A Conversation across Time with Marcus Borg – Part 3
The Bottom Line: “The Power of God for Salvation”
A man cannot pray to Dr. Alfred North Whitehead’s “Principle of Concretion” or to Dr. Henry Nelson Wieman’s “Integrating Factor in Experience.” The fact does not impugn the value of these philosophies. They give light and leading, and serve particularly well our present age. But the fact remains that we can hold no comradeship with an abstract noun. We cannot talk to “The Life Essence” or “The Power Not Ourselves That Makes for Righteousness,” or even to “The Good, the Beautiful, and the True.” Some may claim that they pray in vaguest understanding to “The All” or to the “World-Ground,” and the claim is sincere. But, since it is not in human nature to discuss life with a wall, or to plead earnestly with a fog, these agnostic souls must assume, however dimly, a “Spirit” in “The All” – a “Spirit” which however unlike their own, has some kinship with them.
George Arthur Buttrick – Prayer (Abingdon – 1942) [65-66]
I have sometimes said, half-jokingly, that Mary Lynn, my wife of 40 years now, loves the thought of me; it’s my reality that proves challenging to her from time to time. And Hanan Schlesinger, our Rabbi friend, more than once in our Faiths in Conversation programs through the years has explained that he doesn’t love his wife in abstraction; he loves his wife concretely by “taking out the garbage.” All of which is to say that we don’t live our lives in the world of ideas.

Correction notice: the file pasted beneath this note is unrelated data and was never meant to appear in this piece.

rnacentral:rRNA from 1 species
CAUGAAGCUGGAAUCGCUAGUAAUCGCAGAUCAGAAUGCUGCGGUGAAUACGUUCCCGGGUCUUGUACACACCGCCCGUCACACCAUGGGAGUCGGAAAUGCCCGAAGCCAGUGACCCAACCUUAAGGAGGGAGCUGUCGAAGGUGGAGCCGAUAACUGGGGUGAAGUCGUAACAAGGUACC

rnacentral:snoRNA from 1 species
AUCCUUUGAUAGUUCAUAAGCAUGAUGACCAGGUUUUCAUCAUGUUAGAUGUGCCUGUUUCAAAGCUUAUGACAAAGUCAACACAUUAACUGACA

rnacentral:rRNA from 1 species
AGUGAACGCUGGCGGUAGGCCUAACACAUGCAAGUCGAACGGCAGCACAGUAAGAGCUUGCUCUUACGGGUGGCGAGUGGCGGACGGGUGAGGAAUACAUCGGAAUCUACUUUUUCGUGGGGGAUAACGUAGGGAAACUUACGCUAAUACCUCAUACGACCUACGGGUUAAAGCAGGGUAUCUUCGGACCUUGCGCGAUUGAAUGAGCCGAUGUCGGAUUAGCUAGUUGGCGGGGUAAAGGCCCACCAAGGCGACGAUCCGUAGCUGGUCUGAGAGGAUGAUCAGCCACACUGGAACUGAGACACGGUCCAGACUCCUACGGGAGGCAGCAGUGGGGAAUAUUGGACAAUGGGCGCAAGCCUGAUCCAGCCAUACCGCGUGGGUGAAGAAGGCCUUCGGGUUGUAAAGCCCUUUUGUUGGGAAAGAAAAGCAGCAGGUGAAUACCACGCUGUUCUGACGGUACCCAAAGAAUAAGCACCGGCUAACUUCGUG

We are not beings of pure spirit who exist by entertaining big thoughts and inhabiting the realm of noble ideals. We are people of flesh and blood who need to eat and sleep, who feel pleasure and pain, who get hungry, cold and sick. As the late F. Forrester Church, the insightful Unitarian Universalist Minister, in an essay for Phillip Berman’s the book The Search for Meaning (Ballantine – 1990), explained –
I’m not sure I became a minister until I presided over my first funeral. My own definition of religion comes out of those experiences, with people who are dying, with families who are struggling. My own definition of religion is that it’s our human response to the dual reality of being alive and having to die. And following that definition, I believe each of us is a religious being. We probably are the religious animal. We are the one animal who knows that we are going to die and therefore have to make some sense of who we are, why we live, what the purpose of life is, where we come from, and where we are going. Birth and death are the two hinges upon which life turns. (388)